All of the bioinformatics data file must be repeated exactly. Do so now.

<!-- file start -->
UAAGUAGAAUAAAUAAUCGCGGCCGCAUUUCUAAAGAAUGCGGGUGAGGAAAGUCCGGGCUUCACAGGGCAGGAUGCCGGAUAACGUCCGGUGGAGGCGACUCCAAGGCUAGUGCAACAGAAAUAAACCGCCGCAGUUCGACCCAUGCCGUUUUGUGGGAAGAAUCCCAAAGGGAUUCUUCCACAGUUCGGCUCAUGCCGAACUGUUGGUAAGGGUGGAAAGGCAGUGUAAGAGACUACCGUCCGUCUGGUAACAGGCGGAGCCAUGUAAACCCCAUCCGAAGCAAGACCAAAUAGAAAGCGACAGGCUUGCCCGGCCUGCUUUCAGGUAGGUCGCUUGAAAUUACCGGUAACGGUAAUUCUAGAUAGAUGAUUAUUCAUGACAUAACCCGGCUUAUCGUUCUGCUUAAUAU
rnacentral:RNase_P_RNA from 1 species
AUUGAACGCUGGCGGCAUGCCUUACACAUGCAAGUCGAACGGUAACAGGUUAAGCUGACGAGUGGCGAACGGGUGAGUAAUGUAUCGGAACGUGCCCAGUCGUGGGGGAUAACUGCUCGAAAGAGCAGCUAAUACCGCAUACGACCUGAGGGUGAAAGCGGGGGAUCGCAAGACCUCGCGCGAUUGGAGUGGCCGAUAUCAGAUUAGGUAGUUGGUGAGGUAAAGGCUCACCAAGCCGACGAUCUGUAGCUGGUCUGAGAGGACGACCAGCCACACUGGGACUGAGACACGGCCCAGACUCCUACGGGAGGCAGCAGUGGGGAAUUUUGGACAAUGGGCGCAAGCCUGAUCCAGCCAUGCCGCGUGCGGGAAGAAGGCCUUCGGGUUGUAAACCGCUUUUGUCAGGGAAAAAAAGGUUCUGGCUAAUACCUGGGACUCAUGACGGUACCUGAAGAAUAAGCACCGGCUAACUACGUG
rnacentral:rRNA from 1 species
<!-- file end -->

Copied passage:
UAAGUAGAAUAAAUAAUCGCGGCCGCAUUUCUAAAGAAUGCGGGUGAGGAAAGUCCGGGCUUCACAGGGCAGGAUGCCGGAUAACGUCCGGUGGAGGCGACUCCAAGGCUAGUGCAACAGAAAUAAACCGCCGCAGUUCGACCCAUGCCGUUUUGUGGGAAGAAUCCCAAAGGGAUUCUUCCACAGUUCGGCUCAUGCCGAACUGUUGGUAAGGGUGGAAAGGCAGUGUAAGAGACUACCGUCCGUCUGGUAACAGGCGGAGCCAUGUAAACCCCAUCCGAAGCAAGACCAAAUAGAAAGCGACAGGCUUGCCCGGCCUGCUUUCAGGUAGGUCGCUUGAAAUUACCGGUAACGGUAAUUCUAGAUAGAUGAUUAUUCAUGACAUAACCCGGCUUAUCGUUCUGCUUAAUAU
rnacentral:RNase_P_RNA from 1 species
AUUGAACGCUGGCGGCAUGCCUUACACAUGCAAGUCGAACGGUAACAGGUUAAGCUGACGAGUGGCGAACGGGUGAGUAAUGUAUCGGAACGUGCCCAGUCGUGGGGGAUAACUGCUCGAAAGAGCAGCUAAUACCGCAUACGACCUGAGGGUGAAAGCGGGGGAUCGCAAGACCUCGCGCGAUUGGAGUGGCCGAUAUCAGAUUAGGUAGUUGGUGAGGUAAAGGCUCACCAAGCCGACGAUCUGUAGCUGGUCUGAGAGGACGACCAGCCACACUGGGACUGAGACACGGCCCAGACUCCUACGGGAGGCAGCAGUGGGGAAUUUUGGACAAUGGGCGCAAGCCUGAUCCAGCCAUGCCGCGUGCGGGAAGAAGGCCUUCGGGUUGUAAACCGCUUUUGUCAGGGAAAAAAAGGUUCUGGCUAAUACCUGGGACUCAUGACGGUACCUGAAGAAUAAGCACCGGCUAACUACGUG
rnacentral:rRNA from 1 species